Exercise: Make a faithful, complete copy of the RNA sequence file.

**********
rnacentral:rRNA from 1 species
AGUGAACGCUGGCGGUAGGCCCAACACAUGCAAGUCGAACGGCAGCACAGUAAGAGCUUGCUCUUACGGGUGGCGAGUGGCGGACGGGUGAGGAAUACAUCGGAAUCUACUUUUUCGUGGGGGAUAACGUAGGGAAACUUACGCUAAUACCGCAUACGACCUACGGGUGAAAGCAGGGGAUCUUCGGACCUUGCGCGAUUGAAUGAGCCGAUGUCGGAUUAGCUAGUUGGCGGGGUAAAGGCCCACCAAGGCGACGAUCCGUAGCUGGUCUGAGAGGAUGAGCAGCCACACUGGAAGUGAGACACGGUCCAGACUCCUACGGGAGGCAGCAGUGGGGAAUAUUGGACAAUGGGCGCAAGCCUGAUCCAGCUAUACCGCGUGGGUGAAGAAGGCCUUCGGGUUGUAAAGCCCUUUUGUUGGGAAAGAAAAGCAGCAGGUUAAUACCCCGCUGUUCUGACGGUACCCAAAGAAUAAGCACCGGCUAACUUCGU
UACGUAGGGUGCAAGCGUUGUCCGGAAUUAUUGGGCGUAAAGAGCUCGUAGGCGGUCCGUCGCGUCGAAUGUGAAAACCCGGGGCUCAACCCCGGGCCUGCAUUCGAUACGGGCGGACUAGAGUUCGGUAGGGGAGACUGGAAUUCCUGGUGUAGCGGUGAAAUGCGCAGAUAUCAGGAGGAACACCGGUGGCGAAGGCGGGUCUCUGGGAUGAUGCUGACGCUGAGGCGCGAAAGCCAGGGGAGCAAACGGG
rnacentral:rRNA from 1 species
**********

rnacentral:rRNA from 1 species
AGUGAACGCUGGCGGUAGGCCCAACACAUGCAAGUCGAACGGCAGCACAGUAAGAGCUUGCUCUUACGGGUGGCGAGUGGCGGACGGGUGAGGAAUACAUCGGAAUCUACUUUUUCGUGGGGGAUAACGUAGGGAAACUUACGCUAAUACCGCAUACGACCUACGGGUGAAAGCAGGGGAUCUUCGGACCUUGCGCGAUUGAAUGAGCCGAUGUCGGAUUAGCUAGUUGGCGGGGUAAAGGCCCACCAAGGCGACGAUCCGUAGCUGGUCUGAGAGGAUGAGCAGCCACACUGGAAGUGAGACACGGUCCAGACUCCUACGGGAGGCAGCAGUGGGGAAUAUUGGACAAUGGGCGCAAGCCUGAUCCAGCUAUACCGCGUGGGUGAAGAAGGCCUUCGGGUUGUAAAGCCCUUUUGUUGGGAAAGAAAAGCAGCAGGUUAAUACCCCGCUGUUCUGACGGUACCCAAAGAAUAAGCACCGGCUAACUUCGU
UACGUAGGGUGCAAGCGUUGUCCGGAAUUAUUGGGCGUAAAGAGCUCGUAGGCGGUCCGUCGCGUCGAAUGUGAAAACCCGGGGCUCAACCCCGGGCCUGCAUUCGAUACGGGCGGACUAGAGUUCGGUAGGGGAGACUGGAAUUCCUGGUGUAGCGGUGAAAUGCGCAGAUAUCAGGAGGAACACCGGUGGCGAAGGCGGGUCUCUGGGAUGAUGCUGACGCUGAGGCGCGAAAGCCAGGGGAGCAAACGGG
rnacentral:rRNA from 1 species